Photo courtesy of Bear Trap Design, Design by Tami Holsten, AKBD, Photo by Steve Voegeli
Who We Are
The National Kitchen and Bath Association (NKBA) is a nonprofit trade association that promotes the professionalism of the kitchen and bath industry. Established in 1963 as a network of kitchen dealers, it has grown into the premier association of distributors, retailers, remodelers, manufacturers, fabricators, installers, designers, and other professionals. The NKBA’s certification program emphasizes continuing education and career development, and includes designers and professionals in all segments of the kitchen and bath industry.
Fifty years after its inception, the NKBA has a membership of more than 60,000 and produces the annual Kitchen & Bath Industry Show (KBIS).
The NKBA Difference
According to Remodeling Magazine’s 2015 “Cost vs Value” report, kitchens still offer the most “remodeling bang for your buck,” with bathroom remodels not far behind.
That’s good news for people who want to remodel these spaces, either by updating and “modernizing” the rooms, utilizing existing space in a more efficient way (aka more storage), or bringing an old home up to code.
“If you’re considering a remodel, you should think about your goals as well as what the remodel will do for your home’s value,” says Jackie Berg, marketing director at Select Surfaces, professional realtor, and president of the Minnesota Chapter of the National Kitchen and Bath Association. “Will a remodeled kitchen or an added bathroom hold more value? How much money should you invest? Since price ranges and priorities vary, NKBA professionals will work with you, and are skilled at listening to the wants and needs of each homeowner so they can ensure your satisfaction by keeping these items front and center during each project.”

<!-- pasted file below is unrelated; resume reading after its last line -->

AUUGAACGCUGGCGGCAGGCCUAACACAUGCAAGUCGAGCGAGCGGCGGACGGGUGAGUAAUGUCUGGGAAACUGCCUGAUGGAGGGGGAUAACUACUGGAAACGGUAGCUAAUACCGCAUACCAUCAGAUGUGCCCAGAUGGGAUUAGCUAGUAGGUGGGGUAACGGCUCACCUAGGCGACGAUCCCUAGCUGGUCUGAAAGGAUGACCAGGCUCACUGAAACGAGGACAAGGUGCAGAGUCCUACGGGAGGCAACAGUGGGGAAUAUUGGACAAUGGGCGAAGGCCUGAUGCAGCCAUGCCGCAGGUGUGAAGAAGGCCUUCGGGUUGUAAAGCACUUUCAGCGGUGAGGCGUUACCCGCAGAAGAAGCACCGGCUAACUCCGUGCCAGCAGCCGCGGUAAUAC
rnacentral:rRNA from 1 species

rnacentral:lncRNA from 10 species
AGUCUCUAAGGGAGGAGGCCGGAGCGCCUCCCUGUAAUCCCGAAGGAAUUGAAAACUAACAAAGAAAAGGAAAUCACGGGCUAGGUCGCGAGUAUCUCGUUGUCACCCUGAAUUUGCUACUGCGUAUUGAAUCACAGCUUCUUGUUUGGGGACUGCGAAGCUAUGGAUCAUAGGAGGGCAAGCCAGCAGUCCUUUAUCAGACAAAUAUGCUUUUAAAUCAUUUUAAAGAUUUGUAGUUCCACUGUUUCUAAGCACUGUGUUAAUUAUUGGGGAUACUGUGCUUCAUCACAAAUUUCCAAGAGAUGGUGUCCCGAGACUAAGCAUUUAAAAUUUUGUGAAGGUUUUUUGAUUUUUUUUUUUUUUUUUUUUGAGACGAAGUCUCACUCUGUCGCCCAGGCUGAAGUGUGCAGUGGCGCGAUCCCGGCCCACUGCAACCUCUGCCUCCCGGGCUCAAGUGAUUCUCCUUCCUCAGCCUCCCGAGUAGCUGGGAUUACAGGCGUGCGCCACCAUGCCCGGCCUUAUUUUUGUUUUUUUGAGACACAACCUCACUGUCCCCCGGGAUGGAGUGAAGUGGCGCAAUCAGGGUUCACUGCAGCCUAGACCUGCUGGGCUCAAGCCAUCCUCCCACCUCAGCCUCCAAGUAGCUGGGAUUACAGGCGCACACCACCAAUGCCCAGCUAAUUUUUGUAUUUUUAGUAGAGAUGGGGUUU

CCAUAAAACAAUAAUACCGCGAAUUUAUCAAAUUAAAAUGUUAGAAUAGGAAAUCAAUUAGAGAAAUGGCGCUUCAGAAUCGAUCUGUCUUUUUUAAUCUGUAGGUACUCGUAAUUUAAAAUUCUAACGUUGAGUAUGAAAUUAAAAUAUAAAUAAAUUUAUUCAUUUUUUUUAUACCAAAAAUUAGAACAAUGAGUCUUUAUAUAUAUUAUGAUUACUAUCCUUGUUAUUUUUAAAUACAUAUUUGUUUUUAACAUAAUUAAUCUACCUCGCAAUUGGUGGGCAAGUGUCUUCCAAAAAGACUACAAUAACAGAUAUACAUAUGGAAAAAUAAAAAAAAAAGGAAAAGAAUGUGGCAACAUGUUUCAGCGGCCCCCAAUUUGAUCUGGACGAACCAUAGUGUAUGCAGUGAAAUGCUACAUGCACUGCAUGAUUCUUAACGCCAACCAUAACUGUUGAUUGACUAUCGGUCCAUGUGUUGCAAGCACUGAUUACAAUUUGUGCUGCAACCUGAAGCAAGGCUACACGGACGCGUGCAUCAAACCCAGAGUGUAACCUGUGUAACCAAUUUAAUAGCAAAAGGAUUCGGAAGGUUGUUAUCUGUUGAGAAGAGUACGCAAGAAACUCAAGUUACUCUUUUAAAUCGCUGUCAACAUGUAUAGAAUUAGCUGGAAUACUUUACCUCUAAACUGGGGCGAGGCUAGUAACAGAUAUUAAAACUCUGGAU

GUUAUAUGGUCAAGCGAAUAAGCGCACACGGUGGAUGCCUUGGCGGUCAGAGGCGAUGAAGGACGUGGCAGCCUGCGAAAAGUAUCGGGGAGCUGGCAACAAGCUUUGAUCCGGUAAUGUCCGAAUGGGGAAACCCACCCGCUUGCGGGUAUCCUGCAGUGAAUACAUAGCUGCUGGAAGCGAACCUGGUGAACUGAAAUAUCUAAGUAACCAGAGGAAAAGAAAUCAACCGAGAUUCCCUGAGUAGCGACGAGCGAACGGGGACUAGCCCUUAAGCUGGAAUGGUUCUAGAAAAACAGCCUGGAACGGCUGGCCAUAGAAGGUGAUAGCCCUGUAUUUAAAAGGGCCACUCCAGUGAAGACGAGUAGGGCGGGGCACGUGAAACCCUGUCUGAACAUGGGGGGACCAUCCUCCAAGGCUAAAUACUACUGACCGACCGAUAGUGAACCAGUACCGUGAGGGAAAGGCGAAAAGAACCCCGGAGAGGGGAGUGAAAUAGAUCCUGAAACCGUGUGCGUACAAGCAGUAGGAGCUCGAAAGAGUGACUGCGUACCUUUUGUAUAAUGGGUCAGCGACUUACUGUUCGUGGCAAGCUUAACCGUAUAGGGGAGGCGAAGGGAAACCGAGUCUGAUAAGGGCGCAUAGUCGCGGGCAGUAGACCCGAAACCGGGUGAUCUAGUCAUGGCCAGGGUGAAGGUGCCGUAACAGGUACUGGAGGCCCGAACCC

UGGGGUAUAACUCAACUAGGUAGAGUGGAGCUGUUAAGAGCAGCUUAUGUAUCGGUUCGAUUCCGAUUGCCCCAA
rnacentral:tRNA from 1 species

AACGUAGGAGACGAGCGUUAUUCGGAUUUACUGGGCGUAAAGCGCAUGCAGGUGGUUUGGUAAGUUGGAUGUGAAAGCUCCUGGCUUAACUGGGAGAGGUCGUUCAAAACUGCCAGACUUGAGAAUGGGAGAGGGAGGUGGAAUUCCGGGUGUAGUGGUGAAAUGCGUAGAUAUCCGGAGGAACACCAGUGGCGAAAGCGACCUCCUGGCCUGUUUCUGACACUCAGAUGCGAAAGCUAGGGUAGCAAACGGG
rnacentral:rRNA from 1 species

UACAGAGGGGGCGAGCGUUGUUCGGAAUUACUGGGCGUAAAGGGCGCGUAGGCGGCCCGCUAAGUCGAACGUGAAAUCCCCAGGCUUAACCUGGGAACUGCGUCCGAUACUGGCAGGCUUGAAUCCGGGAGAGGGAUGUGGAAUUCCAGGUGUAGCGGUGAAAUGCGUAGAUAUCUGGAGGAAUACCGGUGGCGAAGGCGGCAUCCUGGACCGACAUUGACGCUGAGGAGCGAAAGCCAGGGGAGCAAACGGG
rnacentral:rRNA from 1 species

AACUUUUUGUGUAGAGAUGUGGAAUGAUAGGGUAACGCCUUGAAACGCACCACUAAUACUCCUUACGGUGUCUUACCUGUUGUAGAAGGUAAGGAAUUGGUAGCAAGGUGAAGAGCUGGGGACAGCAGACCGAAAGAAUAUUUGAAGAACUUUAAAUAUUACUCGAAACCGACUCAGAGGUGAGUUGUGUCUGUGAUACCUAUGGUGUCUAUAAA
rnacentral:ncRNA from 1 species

Not only do NKBA professionals have a grasp of good design and high-quality materials, but also construction, mechanical, plumbing, and electrical systems, building codes, safety regulations, and an understanding of what’s “behind the wall.” They can help streamline the process by helping with planning, design documentation, selecting materials and finishes, bidding and estimating, and managing contractors.
Courtesy of Monson Interior Design, Design by Lynn Monson, CMKBD, Photo by Mark Ehlen, Ehlen Creative
A Wise Investment
If you’re worried about how much it costs to hire a pro, think of it this way: the services of a professional designer represent a fraction of the total project budget. That investment alone has the power to save you valuable time, potential headaches, and money (fixing problems) in the long run.
An Associated Kitchen and Bath Designer (AKBD), Certified Kitchen or Bath Designer (CKD/CBD), or Certified Master Kitchen and Bath Designer (CMKBD) knows how to effectively translate your vision—and often your unstated or unrealized needs—into a design that maximizes the functional use of space, desired resources, and budget. NKBA designers hear a common expression from their clients: “I never knew that was even an option.”
Certified kitchen and bath designers are tested to rigorous and relevant standards, much like certified public accountants or financial planners are tested for their industry competencies.
The NKBA is the certifying body for kitchen and bath designers, requiring a demonstrated level of professionalism before designers can even take the certification exam.
A fully qualified designer must:
- Have seven years of full-time residential kitchen/bath industry experience, including proven knowledge of kitchen and bath design, as well as construction, mechanical, plumbing and electrical systems.
- Complete a minimum of 60 hours of NKBA professional development programming.
- Pass a rigorous, two-part exam testing academic knowledge and practical skills.
- Understand the NKBA Kitchen & Bath Planning Guidelines & Access Standards (31 kitchen and 27 bathroom planning guidelines), recognizing the importance of consumer health, safety, and welfare in kitchen and bath design.